“There’s a side of my personality that goes completely against the educated person and wants to be a pin-up girl…” Mira Sorvino
Creative people experience complex personalities that can help nurture divergent thinking and openness to experience, which support creative expression, but these traits can also lead to inner conflicts.
“If there is one word that makes creative people different from others, it is the word complexity.”
Creativity researcher and author Mihaly Csikszentmihalyi (pronounced me-high chick-sent-me-high-ee) includes in his books and other writings descriptions of this complexity – the diversity and multiple characteristics of creative people.
Some of the personality qualities he lists are:
A great deal of physical energy alternating with a great need for quiet and rest.
Highly sexual, yet often celibate, especially when working.
Smart and naïve at the same time. A mix of wisdom and childishness. Emotional immaturity along with the deepest insights.
Convergent (rational, left brain, sound judgment) and divergent (intuitive, right brain, visionary) thinking…
Both extroverted and introverted, needing people and solitude equally.
Read more in article The Complex Personality of Creative People.
Also see Csikszentmihalyi’s classic book Creativity: Flow and the Psychology of Discovery and Invention, plus his article The Creative Personality: Ten paradoxical traits of the creative personality.
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Mira Sorvino graduated from Harvard magna cum laude with a degree in East Asian Studies. In addition to acting, she supports the Coalition to Abolish Slavery and Trafficking (CAST), and is a UNODC (United Nations Office on Drugs and Crime) Goodwill Ambassador to Combat Human Trafficking.
(See text of her poignant version of an interview she did for Media Planet on Modern Day Slavery on her Facebook page.)
In a magazine interview, she commented about the kind of complexity many creative people experience:
“There’s a side of my personality that goes completely against the East Coast, educated person and wants to be a pinup girl in garages across America.
“I don’t know where that comes from, but there’s a side that wants to wear the pink angora bikini; a part that wants to be crazy.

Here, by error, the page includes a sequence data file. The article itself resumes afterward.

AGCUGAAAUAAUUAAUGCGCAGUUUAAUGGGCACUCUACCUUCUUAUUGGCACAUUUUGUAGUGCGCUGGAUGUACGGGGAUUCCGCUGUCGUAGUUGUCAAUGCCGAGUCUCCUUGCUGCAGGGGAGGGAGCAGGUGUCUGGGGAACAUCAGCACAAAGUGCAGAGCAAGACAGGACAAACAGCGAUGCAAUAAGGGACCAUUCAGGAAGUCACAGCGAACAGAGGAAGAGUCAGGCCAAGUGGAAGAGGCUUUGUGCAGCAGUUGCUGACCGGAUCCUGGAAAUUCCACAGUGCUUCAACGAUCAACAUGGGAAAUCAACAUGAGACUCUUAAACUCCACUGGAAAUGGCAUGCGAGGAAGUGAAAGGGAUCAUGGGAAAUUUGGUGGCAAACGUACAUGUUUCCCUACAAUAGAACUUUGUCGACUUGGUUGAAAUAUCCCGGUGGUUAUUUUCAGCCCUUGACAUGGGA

“I’ve never been one of those actors who goes out and lives the dangerous life, and I think there’s a part of me that really wants to do that.
“I don’t want to be self-destructive, but I’d like to be wild. But the sensible part won’t allow it.
“I don’t know if it will ever happen outside the confines of a role.”
Her interviewer comments, “Within a role she does allow herself to cut loose, and the result is often cathartic.
“When learning to become Linda in Mighty Aphrodite, she spent a week in Philadelphia by herself, getting the mannerisms down, practicing the nasally voice, becoming the character.
“She had a grand time masquerading as Linda, and was surprised to see that in many cases strangers responded better to her than they would have to Mira Sorvino.”
From Nice Girls Finish First, Mira Sorvino By Timothy Rhys, MovieMaker Magazine Sept 4, 1995.
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The conflict between head and heart
Jodie Foster has commented, “I can basically put my emotions aside and go headfirst, but it’s something I have to watch, because sometimes I don’t know how I feel about things… Until years later,” she adds, and laughs.
“I am someone who experiences the world through my head, so my psyche’s fight, my whole life, has been the head against the heart. That’s what all my movies are about, too.”
From my article The INTJ Personality and Being Creative.
Unrest and anxiety
Dancer, choreographer and teacher Martha Graham made a powerful statement about the emotional life of creative people:
“No artist is pleased. There is no satisfaction whatever at any time. There is only a queer, divine dissatisfaction, a blessed unrest that keeps us marching and makes us more alive than the others.”
From my article Keep the channel open.
That “blessed unrest” can intensify into fear or anxiety for some of us.
There can be many flavors of insecurity, self-criticism, stress and anxiety related to being gifted, talented and creative.
Director Steven Spielberg noted:
“I still have pretty much the same fears I had as a kid. I’m not sure I’d want to give them up; a lot of these insecurities fuel the movies I make.”
Some experiences, such as perfectionism, may help refine our talents. But an overbearing level of it can lead to anxiety and even cripple or stifle our creative passions and expression.
In an interview about his book Mastering Creative Anxiety, creativity coach and psychologist Eric Maisel comments:
“First of all, so much is on the line. For someone who’s self-identified as a writer, painter, composer, scientist, inventor, and so on, [their] identity and ego are wrapped up in how well [they create] – and when what we do matters that much, we naturally get anxious.”
From post Gifted, Talented, Creative, Anxious.
The pleasures of creative expression
“Composing gives me great pleasure… there is nothing that surpasses the joy of creation, if only because through it one wins hours of self-forgetfulness, when one lives in a world of sound.”
Pianist and composer Clara Schumann (1819-1896) – in my post The Joy of Creating.
“The difficulty for me is that I’m interested in so many different things.
“I could never really imagine myself doing one thing, and I’m pretty sure that I’ll end up doing four or five different things.
“I want to be a Renaissance woman. I want to paint, and I want to write, and I want to act, and I want to just do everything.”
Those are quotes by actor Emma Watson, in my article Multitalented and Creative.
Being multitalented or a multipotentialite is another way creative people are complex.